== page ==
Since it was founded in 1938, the National Ski Patrol (NSP) has evolved from a handful of ski patrollers into the world's largest winter rescue organization. For more than 50 years, NSP members have devoted a significant part of their lives to providing the skiing public with skier safety education and winter emergency care and rescue services. As a result, the lives of many skiers have been saved, thousands of injured skiers have received prompt, skillful emergency care, and skiing has become a safer sport.
Before 1932, skiing was relatively unknown in the United States. At that time, the sport was primarily the pastime of a few rural families and the descendants of Northern European immigrants. Most Americans got their first exposure to skiing through media coverage of the 1932 Olympics at Lake Placid, New, York. Inevitably, the sport took off.
In the 1930s, skiing was a hardy activity that required a long drive on roads that were poorly maintained to an area that had snow-covered hills or mountains. The only mode of uphill transportation was climbing, which required a couple of hours of huffing and puffing, all for a few minutes of a well-earned downhill thrill. The skier's cry, "Track! " originated at that time, and when skiers climbing uphill heard that shout, they did the best they could to give the right-of-way to the approaching downhillers. Since ski lessons were virtually nonexistent in those days, few skiers had learned to turn well and some could not turn at all, particularly with primitive equipment in unpacked snow. Accidents were common, and most skiers generally accepted them as the price to pay for participating in the sport.
Charles Minot "Minnie" Dole, an insurance broker from Greenwich, Connecticut, realized the need for emergency care and rescue services for skiers back in 1936. Dole was skiing at Stowe, Vermont, with his wife and their friends, Frank and Jean Edson, when he took a fall, heard a bone in his ankle snap, and lay helpless in the snow. Edson stayed with him while the women skied down the mountain for help. The first person they met was a local farmer who said that anyone foolish enough to ski deserved whatever fate offered, and went on his way. The women finally located two people who helped haul Dole off the mountain on a makeshift rescue toboggan improvised from a piece of corrugated tin roofing. X-rays showed a break so severe that Dole was told he might never walk again, let alone ski. But he was determined to recover, and he did.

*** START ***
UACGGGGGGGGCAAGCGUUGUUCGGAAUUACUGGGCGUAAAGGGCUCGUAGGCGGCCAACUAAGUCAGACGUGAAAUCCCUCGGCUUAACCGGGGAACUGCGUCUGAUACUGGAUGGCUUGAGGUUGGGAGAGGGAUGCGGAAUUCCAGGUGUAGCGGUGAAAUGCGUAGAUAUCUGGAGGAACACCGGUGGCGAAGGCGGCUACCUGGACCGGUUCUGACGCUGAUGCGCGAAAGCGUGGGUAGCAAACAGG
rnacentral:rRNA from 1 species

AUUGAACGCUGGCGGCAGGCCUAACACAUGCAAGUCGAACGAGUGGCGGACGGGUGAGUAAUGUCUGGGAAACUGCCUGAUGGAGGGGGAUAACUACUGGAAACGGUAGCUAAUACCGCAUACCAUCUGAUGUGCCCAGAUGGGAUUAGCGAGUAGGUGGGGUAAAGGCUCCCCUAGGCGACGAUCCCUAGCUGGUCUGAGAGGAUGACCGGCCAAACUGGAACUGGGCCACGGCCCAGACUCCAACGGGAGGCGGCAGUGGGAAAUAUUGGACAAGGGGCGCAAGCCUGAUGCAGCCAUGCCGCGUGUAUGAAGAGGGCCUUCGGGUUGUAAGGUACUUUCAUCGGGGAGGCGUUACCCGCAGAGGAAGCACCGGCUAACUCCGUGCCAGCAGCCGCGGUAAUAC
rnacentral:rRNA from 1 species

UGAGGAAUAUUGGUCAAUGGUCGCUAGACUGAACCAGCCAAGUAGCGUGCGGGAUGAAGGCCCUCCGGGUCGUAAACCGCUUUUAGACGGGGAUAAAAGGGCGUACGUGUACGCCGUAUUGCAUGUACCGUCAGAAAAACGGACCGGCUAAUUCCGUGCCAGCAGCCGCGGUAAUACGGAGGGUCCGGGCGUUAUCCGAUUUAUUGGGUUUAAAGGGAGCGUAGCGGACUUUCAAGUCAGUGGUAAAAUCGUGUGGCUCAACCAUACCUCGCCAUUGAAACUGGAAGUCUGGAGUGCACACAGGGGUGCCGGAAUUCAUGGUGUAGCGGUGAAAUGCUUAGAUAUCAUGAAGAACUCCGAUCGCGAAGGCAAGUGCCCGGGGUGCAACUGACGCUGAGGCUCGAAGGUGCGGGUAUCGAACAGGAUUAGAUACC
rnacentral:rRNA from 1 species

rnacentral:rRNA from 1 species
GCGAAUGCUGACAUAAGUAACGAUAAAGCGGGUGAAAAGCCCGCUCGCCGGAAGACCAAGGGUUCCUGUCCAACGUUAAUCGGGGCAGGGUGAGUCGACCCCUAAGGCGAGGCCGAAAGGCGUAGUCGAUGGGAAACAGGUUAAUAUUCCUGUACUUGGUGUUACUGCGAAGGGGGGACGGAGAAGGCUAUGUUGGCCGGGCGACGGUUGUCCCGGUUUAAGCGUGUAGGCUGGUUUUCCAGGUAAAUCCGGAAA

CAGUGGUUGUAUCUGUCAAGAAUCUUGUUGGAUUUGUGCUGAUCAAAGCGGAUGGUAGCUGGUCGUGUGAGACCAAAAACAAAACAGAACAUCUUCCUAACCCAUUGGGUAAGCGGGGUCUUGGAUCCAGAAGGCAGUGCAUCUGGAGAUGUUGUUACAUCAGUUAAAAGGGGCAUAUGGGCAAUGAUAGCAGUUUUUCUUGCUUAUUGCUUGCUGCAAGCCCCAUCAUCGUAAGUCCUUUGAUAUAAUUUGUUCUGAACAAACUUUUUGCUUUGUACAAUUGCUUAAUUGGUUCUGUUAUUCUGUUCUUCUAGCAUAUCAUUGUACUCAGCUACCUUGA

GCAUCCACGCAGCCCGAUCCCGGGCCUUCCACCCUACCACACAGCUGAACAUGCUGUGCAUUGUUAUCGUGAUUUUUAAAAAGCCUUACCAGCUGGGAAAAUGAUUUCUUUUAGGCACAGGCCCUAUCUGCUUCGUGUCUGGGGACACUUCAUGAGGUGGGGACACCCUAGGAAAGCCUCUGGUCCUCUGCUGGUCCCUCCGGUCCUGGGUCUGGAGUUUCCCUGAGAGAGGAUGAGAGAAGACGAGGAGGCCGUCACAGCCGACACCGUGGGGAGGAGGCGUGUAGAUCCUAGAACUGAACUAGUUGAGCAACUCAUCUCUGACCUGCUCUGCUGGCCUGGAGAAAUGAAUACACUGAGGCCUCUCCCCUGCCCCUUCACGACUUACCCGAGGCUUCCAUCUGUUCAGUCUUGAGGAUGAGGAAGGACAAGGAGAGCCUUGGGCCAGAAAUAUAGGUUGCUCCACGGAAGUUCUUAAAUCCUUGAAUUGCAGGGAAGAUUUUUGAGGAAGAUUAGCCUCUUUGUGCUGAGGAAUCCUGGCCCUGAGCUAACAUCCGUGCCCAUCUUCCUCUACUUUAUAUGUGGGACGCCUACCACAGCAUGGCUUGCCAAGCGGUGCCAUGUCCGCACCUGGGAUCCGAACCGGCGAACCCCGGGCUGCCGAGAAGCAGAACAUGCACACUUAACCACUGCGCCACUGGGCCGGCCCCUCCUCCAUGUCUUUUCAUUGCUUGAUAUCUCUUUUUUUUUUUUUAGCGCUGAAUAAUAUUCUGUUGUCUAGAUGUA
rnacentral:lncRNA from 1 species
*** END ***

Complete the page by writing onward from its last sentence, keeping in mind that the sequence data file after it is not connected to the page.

That same determination compelled Dole to do something about ski safety when, two months later, Frank Edson was killed in a ski race. At the suggestion of Roland Palmedo, president of the Amateur Ski Club of New York, Dole was put in charge of a ski safety committee for the club. In March 1938, Dole organized a volunteer ski patrol for the National Downhill Races at Stowe. Roger Langley, president of the National Ski Association (NSA), now the United States Ski Association, was so impressed with the patrol that he asked Dole to organize a similar patrol on a national basis. Then and there, the National Ski Patrol came into being - originally as a subcommittee of the NSA.
A tremendous organizational effort took place under Dole's leadership during the next few years. The National Ski Patrol started out with five geographical divisions and a small core of patrollers that included several famous racers such as Bob Livermore, Dick Durrance, and Alex Bright, whose names lent prestige to the new organization. In 1941, the first National Ski Patrol Manual was published. The manual outlined the basic NSP organizational structure that still exists and listed the qualifications in emergency care and skiing ability that were required of NSP members; guidelines for organizing a local ski patrol; and a section on the NSP divisions.
Over the years, the NSP has acted as a nationwide conduit of the latest information on winter emergency care, rescue equipment, and lift evacuation procedures and has provided skier safety education for an ever-increasing skiing public. Individual members, many of whom belong to ambulance squads, mountain rescue councils, and other lifesaving groups, have been responsible for saving hundreds of lives by applying their skills wherever needed. The NSP contribution to every phase of skiing is evidenced by the significant number of patrollers who have been elected to the National Ski Hall of Fame.
Recognized worldwide for its various skier safety education programs and emergency care and rescue services, the National Ski Patrol is made up of dedicated, talented individuals who optimistically face the challenges of the present and future of skiing. The organization was endowed with the flexibility and dynamics to meet these challenges through the qualities of its founder, Minnie Dole, who closed an era in American skiing by his death on March 14,1976.
Excerpted from The Ski Patroller's Manual
Adapted For This Site By Jim Meloche